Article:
IMG_0581 It’s been quite a last few days, hasn’t it? 

This past Wednesday evening, I was traveling home from a speaking engagement at the University of Nebraska – Lincoln when I was scrolling through my news alerts and found out that Steve Jobs had passed away (note: said scrolling was being done on my iPhone).

Now, I was in no way an early Mac adopter, but ever since my conversion last year, I’ve come to love Apple products. They have literally changed my life. So even though that news wasn’t completely unexpected, the actuality of it made me sad.

It also made me think about how rare it is when the termination of someone’s life affects so very many people. And it made me think of how we don’t celebrate these very rare people often enough when they are among us.

So, today, I celebrate the birthday of someone who has had an incredible impact on my life and, probably, yours, if you work in the public relations and/or social media field… and particularly if you care about the measurement thereof.

She is the Queen of Measurement (or, as she’d rather be known, Sashet) – Ms. Katie Delahaye Paine.

The first meeting

I first came across Katie almost a decade ago. At the time, I was living and working in the San Francisco Bay Area. I was a board member of the San Francisco Bay Area Publicity Club and, being a glutton for punishment (a characteristic I seem to carry with me to this day), also editor of the Club’s newsletter.

(Side note: I tried to find the Club’s current URL to link to, but kept getting redirected to a URL for used cars. WTF? If any former/current board members are reading this, will you let me know what’s going on?)


As editor of the newsletter, I was always on the lookout for good articles we could share with our members. And while doing some Internet research, I came across a “measurement weather report” that had been published in The Measurement Standard, an e-pub of Katie’s firm.

“Huh,” I thought. “This is kinda cool. I wonder if this lady would let me reprint it.”

IMG_0577So I sent a reprint request in to the email address listed, explaining who I was (a nobody) and what I was asking for (how many of these must they get a day?!).

You could have picked me up off the floor when, shortly thereafter, I received a reply from The Goddess Herself saying not just “yes,” but, “you’re a likely young lass who’s interested in measurement… would you like me to come down and talk to your organization about it?”

Now, by this time, I had Googled Katie to high heaven (don’t know if the term existed then, but you get my drift), and had figured out how high-powered she was. So when I got her reply … can you spell “gobsmacked”?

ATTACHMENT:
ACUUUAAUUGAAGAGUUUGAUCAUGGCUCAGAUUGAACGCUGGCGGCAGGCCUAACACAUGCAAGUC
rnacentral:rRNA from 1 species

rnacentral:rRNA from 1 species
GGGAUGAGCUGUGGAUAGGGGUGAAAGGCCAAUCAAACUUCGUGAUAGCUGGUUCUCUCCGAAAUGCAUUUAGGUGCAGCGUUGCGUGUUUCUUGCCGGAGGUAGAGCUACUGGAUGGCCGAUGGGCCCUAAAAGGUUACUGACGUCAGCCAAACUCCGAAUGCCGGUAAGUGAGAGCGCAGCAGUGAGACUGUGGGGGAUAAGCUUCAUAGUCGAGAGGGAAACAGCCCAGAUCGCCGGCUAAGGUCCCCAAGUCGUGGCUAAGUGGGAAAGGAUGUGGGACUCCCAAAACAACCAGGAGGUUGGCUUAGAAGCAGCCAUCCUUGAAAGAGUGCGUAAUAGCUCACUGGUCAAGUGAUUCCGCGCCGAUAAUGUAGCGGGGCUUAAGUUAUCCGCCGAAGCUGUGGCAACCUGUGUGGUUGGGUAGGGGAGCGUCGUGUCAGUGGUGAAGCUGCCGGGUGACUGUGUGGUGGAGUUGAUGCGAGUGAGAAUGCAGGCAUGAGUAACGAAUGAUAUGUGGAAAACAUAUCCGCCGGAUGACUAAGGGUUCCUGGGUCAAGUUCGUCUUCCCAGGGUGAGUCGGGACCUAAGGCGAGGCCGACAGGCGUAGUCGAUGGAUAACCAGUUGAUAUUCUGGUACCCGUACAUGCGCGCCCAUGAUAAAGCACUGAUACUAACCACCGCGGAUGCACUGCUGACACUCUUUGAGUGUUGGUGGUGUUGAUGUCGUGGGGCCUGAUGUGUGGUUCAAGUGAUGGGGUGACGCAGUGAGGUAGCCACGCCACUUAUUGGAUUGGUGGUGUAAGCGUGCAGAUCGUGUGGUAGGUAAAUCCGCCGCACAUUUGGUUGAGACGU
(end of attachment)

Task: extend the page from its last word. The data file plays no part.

If you’re stuck, the answer is “J-A-W-O-N-T-H-E-F-L-O-O-R.”

So I wrote back and, trying not to soil my tighty wighties, said, “Omigoshwe’dlovetobutwecan’taffordsomeonelikeyou!!!!!”

Or words to that effect.

You see, like many other volunteer-run organizations, especially a small one, we had no budget for speakers.

“No matter,” Katie wrote back. “I have to come out there to meet with a client anyway. So if you can cover <X amount of expenses>, I’m yours.”

Or words to that effect.

The Goddess Will Speak!

So off I went to my next board meeting to tell my cohorts what had transpired, and secured their approval. I exited jubilant that, as I was leaving San Francisco (the plans to move to DC were already set in motion), I’d be able to give my chapter and area practitioners a truly unique professional development experience.

Unique it was. And many of us had our eyes opened as to what constituted “good” v. “bad” measurement.

I’m talking outcomes. I’m talking impact. I’m talking what actually results for our organizations from the fruit of our labors, as opposed to just “what” we do.

I remember coming away from that event – we’re talking November 2003 – with my head spinning, and thinking, “This is why we do what we do!”

I had started becoming interested in measurement a while back, but meeting and hearing from Katie solidified that. And ever since then, she has had an indelible impact on my career.

You see …

… The Impact …

  • When I finally made the move to DC – barely a month after I met Katie – it was an introduction from her to a then-executive with Hill & Knowlton that opened several doors for me here. That same executive introduced me to the-then Media Relations Director for Ruder Finn‘s DC office, and three months after starting my job hunt here, I was hired.
  • When I moved from Ruder Finn to a very large nonprofit, Katie was the person I called on to help me set a robust measurement program in place … and that ended up winning an award from the Institute of Public Relations.
  • When I was wondering whether Twitter would be good for anything other than finding out what someone had had for lunch, it was a conversation with Katie that set me straight.
  • When I thought about creating #measurePR, I called Katie to see if she thought it was a crazy idea. To her credit, she said, “I think it’s genius and WTF didn’t I think of it myself?!”
  • On Saturday, I’m heading to Orlando to present at PRSA’s International Conference. I’ll be presenting four years in a row … the first of which was in conjunction with Katie.

I know. Crazy, isn’t it?!

Katie has been – and is – a great friend and mentor to me, more times than she probably knows. All while she has lived through resurrecting her family home after a devastating fire and foreclosure, as well as breast cancer.

And whenever I remind her of what a critical force she has been/is in my life, she says, “I just opened the door. You did the rest.” Talk about modesty.

Is she omnipotent? Infallible? Probably not. But she is one of the best human beings it has been my privilege to come to know, and to call “friend.”

So not just from me, but on behalf of all of us, and our entire industry – happy birthday, Miss Katie. May you measure, and, live long and prosper.